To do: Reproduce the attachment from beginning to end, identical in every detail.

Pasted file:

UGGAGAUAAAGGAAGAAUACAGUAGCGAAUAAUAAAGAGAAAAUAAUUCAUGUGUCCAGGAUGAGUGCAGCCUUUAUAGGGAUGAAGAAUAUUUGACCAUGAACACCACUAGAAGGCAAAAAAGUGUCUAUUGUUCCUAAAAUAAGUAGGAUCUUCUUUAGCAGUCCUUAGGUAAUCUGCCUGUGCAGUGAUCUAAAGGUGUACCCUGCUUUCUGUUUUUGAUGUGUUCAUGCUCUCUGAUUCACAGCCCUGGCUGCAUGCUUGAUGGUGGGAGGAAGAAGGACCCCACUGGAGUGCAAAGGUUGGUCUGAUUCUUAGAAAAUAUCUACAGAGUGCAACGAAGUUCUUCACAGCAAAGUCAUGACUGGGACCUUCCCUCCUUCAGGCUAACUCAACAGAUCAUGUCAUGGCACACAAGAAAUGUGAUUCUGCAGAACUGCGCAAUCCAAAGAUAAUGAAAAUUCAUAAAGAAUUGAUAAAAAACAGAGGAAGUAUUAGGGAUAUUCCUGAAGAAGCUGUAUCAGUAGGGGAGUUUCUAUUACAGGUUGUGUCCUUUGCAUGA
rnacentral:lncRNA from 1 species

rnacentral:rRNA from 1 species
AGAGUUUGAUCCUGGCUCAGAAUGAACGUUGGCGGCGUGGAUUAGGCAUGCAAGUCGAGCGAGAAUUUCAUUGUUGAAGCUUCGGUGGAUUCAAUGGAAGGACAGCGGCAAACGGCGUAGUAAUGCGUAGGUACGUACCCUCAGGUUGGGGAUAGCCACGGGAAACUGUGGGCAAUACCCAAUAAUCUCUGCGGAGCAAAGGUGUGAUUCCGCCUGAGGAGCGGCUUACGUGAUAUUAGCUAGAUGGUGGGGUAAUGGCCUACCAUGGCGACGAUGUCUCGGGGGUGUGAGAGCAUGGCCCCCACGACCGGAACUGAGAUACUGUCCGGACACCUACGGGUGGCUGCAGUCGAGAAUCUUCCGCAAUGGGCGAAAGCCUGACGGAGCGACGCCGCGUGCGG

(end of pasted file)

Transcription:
UGGAGAUAAAGGAAGAAUACAGUAGCGAAUAAUAAAGAGAAAAUAAUUCAUGUGUCCAGGAUGAGUGCAGCCUUUAUAGGGAUGAAGAAUAUUUGACCAUGAACACCACUAGAAGGCAAAAAAGUGUCUAUUGUUCCUAAAAUAAGUAGGAUCUUCUUUAGCAGUCCUUAGGUAAUCUGCCUGUGCAGUGAUCUAAAGGUGUACCCUGCUUUCUGUUUUUGAUGUGUUCAUGCUCUCUGAUUCACAGCCCUGGCUGCAUGCUUGAUGGUGGGAGGAAGAAGGACCCCACUGGAGUGCAAAGGUUGGUCUGAUUCUUAGAAAAUAUCUACAGAGUGCAACGAAGUUCUUCACAGCAAAGUCAUGACUGGGACCUUCCCUCCUUCAGGCUAACUCAACAGAUCAUGUCAUGGCACACAAGAAAUGUGAUUCUGCAGAACUGCGCAAUCCAAAGAUAAUGAAAAUUCAUAAAGAAUUGAUAAAAAACAGAGGAAGUAUUAGGGAUAUUCCUGAAGAAGCUGUAUCAGUAGGGGAGUUUCUAUUACAGGUUGUGUCCUUUGCAUGA
rnacentral:lncRNA from 1 species

rnacentral:rRNA from 1 species
AGAGUUUGAUCCUGGCUCAGAAUGAACGUUGGCGGCGUGGAUUAGGCAUGCAAGUCGAGCGAGAAUUUCAUUGUUGAAGCUUCGGUGGAUUCAAUGGAAGGACAGCGGCAAACGGCGUAGUAAUGCGUAGGUACGUACCCUCAGGUUGGGGAUAGCCACGGGAAACUGUGGGCAAUACCCAAUAAUCUCUGCGGAGCAAAGGUGUGAUUCCGCCUGAGGAGCGGCUUACGUGAUAUUAGCUAGAUGGUGGGGUAAUGGCCUACCAUGGCGACGAUGUCUCGGGGGUGUGAGAGCAUGGCCCCCACGACCGGAACUGAGAUACUGUCCGGACACCUACGGGUGGCUGCAGUCGAGAAUCUUCCGCAAUGGGCGAAAGCCUGACGGAGCGACGCCGCGUGCGG